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Political Partisanship In Post-Covid-19 America?

Following the previous blog on putting aside partisanship during the troubled times of the COVID-19 pandemic, I was asked “what will happen to political partisanship in a post-COVID-19 America?” My answer was “it depends on how each one of us responds to this pandemic.” But after a few weeks of coronavirus lockdown, I can say that the American response provides some reasons for optimism.

Millions of Americans of all political persuasions pulled together to protect the lives of the most vulnerable among us. Health care workers risked their lives to save infected patients’ lives. Average Americans provided care and comfort to the elderly and to those who had lost their incomes overnight. Volunteers delivered free meals from fast food restaurants. Students received free storage and Wi-Fi. Many companies joined the war on the coronavirus to increase our testing capacity, manufacture protective equipment, sanitizers, disinfectants, respirators and ventilators. Pharmaceutical and biotech companies launched short-term and long-term research programs to develop drug treatments and vaccines. Most importantly, 150 million Americans complied with stay-at-home orders staying apart from their families and friends to save the lives of fellow Americans and do what’s best for their country. This behavior reveals the existence of a high level of social responsibility among Americans of all ages.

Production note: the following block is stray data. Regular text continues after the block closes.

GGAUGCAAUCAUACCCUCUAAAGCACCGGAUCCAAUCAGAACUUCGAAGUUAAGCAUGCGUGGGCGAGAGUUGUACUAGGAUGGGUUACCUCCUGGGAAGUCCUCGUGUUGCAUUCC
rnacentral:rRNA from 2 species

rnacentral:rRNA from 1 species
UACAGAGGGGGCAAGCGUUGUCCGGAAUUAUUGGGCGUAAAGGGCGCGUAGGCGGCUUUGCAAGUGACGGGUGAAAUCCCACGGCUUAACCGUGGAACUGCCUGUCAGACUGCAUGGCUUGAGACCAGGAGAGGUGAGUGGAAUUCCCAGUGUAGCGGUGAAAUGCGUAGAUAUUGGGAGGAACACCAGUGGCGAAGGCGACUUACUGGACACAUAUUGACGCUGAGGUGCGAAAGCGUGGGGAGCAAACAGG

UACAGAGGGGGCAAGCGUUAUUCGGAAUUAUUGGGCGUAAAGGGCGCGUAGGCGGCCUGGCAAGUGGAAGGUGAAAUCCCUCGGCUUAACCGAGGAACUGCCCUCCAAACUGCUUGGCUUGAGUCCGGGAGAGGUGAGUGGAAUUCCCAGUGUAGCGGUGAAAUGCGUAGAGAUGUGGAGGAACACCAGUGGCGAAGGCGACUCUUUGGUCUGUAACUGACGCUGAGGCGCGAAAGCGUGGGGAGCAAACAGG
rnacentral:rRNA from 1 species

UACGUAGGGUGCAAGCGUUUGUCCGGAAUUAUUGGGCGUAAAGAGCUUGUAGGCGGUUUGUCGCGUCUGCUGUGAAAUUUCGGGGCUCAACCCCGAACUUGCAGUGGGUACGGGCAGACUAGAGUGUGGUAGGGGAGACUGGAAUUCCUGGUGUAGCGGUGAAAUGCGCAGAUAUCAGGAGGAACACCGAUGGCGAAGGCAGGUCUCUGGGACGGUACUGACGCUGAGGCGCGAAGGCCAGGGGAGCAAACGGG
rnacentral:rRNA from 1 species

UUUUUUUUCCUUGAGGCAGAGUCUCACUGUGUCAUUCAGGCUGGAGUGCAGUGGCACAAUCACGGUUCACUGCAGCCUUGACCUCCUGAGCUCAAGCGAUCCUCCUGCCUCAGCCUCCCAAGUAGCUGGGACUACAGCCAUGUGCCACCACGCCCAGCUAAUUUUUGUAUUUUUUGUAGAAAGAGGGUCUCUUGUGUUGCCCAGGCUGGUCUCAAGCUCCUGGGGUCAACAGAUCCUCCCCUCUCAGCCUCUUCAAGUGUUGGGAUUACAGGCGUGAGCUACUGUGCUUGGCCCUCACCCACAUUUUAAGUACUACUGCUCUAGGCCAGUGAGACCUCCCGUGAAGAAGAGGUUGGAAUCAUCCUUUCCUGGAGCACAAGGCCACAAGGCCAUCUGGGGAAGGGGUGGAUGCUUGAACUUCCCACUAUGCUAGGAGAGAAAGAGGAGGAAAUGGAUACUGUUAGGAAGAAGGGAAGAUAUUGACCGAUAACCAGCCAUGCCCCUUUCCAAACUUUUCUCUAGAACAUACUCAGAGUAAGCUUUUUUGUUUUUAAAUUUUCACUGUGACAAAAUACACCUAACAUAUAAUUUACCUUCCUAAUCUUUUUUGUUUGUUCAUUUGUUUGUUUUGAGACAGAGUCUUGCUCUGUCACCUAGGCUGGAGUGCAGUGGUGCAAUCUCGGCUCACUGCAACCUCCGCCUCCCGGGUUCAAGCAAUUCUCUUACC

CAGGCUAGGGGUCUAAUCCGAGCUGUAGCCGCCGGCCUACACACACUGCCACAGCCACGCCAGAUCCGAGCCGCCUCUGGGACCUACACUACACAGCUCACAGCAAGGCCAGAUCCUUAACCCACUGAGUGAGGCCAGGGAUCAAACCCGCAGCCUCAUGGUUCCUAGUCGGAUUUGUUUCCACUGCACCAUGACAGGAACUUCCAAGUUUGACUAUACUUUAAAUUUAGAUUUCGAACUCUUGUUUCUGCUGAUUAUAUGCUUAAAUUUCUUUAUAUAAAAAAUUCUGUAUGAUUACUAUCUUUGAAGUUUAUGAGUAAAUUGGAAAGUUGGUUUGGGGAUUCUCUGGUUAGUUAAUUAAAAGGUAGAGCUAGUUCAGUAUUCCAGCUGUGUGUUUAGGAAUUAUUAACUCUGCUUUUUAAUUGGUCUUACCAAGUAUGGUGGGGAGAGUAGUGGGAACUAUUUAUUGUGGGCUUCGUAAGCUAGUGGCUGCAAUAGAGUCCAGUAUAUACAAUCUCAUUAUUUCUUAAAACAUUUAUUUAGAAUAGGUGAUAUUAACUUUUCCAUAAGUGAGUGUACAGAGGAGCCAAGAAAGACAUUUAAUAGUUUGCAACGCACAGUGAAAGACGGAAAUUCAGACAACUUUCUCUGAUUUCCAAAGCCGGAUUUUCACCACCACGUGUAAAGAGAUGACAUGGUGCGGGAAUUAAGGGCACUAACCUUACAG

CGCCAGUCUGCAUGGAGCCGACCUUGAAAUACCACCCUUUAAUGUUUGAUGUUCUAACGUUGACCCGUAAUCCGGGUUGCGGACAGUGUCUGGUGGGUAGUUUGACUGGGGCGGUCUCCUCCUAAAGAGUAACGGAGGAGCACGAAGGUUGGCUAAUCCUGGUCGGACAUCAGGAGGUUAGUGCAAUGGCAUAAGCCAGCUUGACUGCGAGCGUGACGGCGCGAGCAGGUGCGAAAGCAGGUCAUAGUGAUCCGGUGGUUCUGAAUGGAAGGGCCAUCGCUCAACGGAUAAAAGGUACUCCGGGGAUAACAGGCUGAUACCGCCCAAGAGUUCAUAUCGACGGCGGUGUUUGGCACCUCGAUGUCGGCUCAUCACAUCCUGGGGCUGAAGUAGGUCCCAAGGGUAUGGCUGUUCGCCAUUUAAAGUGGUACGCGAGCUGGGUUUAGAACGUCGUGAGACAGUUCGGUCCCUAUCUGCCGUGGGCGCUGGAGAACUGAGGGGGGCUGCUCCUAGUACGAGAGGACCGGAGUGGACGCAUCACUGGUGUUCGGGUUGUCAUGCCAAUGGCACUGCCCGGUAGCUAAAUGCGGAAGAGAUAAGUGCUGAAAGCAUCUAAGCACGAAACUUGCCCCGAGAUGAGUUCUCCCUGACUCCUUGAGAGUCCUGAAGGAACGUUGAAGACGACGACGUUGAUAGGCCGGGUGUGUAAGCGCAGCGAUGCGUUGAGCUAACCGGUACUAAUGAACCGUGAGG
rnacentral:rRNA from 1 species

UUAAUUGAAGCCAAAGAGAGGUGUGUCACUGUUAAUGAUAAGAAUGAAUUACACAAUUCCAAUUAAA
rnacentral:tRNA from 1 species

This response is inspirational because just two years ago, civil leaders like Robert B Reich (former Secretary of Labor) warned that we are losing our national identity because we are losing our sense of the common good. I agreed with his assessment that irresponsible individualism resulted in a loss of social trust. And that’s why I proposed the People-Over-Politics Action Plan which recommends the institution of curricula to teach young Americans the notions of interdependence, social responsibility, and mutual responsibility. I trust that the COVID-19 experience will occupy several chapters in those curricula.

Will the spirit that “we are all in this together” survive after the coronavirus threat has dissipated? We can’t be sure but we do know that this pandemic has changed the way we interact with each other and it appears to be for the good.


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